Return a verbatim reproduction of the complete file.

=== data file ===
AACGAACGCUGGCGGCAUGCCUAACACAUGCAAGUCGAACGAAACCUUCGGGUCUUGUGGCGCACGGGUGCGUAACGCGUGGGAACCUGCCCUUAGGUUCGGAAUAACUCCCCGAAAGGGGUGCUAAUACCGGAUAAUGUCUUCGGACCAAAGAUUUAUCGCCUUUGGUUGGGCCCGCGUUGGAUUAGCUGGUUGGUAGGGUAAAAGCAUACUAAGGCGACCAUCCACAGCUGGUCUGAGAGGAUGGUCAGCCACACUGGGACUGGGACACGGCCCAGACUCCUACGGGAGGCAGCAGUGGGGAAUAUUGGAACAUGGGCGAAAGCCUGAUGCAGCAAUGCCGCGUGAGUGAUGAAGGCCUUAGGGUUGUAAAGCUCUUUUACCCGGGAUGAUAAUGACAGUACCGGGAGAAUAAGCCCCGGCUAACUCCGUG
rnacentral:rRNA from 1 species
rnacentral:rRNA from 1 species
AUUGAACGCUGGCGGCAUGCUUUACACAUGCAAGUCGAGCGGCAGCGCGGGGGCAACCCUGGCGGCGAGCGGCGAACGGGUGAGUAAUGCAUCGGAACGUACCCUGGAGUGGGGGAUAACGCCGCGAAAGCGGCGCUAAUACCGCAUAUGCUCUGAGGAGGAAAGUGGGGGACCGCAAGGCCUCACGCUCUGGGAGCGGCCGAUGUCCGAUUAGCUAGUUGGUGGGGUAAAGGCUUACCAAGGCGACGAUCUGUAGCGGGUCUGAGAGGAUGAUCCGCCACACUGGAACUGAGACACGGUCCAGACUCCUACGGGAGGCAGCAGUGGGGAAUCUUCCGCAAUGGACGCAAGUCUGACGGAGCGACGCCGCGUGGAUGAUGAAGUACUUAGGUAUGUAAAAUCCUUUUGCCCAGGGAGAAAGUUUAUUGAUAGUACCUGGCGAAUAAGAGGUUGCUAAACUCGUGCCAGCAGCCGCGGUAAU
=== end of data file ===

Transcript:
AACGAACGCUGGCGGCAUGCCUAACACAUGCAAGUCGAACGAAACCUUCGGGUCUUGUGGCGCACGGGUGCGUAACGCGUGGGAACCUGCCCUUAGGUUCGGAAUAACUCCCCGAAAGGGGUGCUAAUACCGGAUAAUGUCUUCGGACCAAAGAUUUAUCGCCUUUGGUUGGGCCCGCGUUGGAUUAGCUGGUUGGUAGGGUAAAAGCAUACUAAGGCGACCAUCCACAGCUGGUCUGAGAGGAUGGUCAGCCACACUGGGACUGGGACACGGCCCAGACUCCUACGGGAGGCAGCAGUGGGGAAUAUUGGAACAUGGGCGAAAGCCUGAUGCAGCAAUGCCGCGUGAGUGAUGAAGGCCUUAGGGUUGUAAAGCUCUUUUACCCGGGAUGAUAAUGACAGUACCGGGAGAAUAAGCCCCGGCUAACUCCGUG
rnacentral:rRNA from 1 species
rnacentral:rRNA from 1 species
AUUGAACGCUGGCGGCAUGCUUUACACAUGCAAGUCGAGCGGCAGCGCGGGGGCAACCCUGGCGGCGAGCGGCGAACGGGUGAGUAAUGCAUCGGAACGUACCCUGGAGUGGGGGAUAACGCCGCGAAAGCGGCGCUAAUACCGCAUAUGCUCUGAGGAGGAAAGUGGGGGACCGCAAGGCCUCACGCUCUGGGAGCGGCCGAUGUCCGAUUAGCUAGUUGGUGGGGUAAAGGCUUACCAAGGCGACGAUCUGUAGCGGGUCUGAGAGGAUGAUCCGCCACACUGGAACUGAGACACGGUCCAGACUCCUACGGGAGGCAGCAGUGGGGAAUCUUCCGCAAUGGACGCAAGUCUGACGGAGCGACGCCGCGUGGAUGAUGAAGUACUUAGGUAUGUAAAAUCCUUUUGCCCAGGGAGAAAGUUUAUUGAUAGUACCUGGCGAAUAAGAGGUUGCUAAACUCGUGCCAGCAGCCGCGGUAAU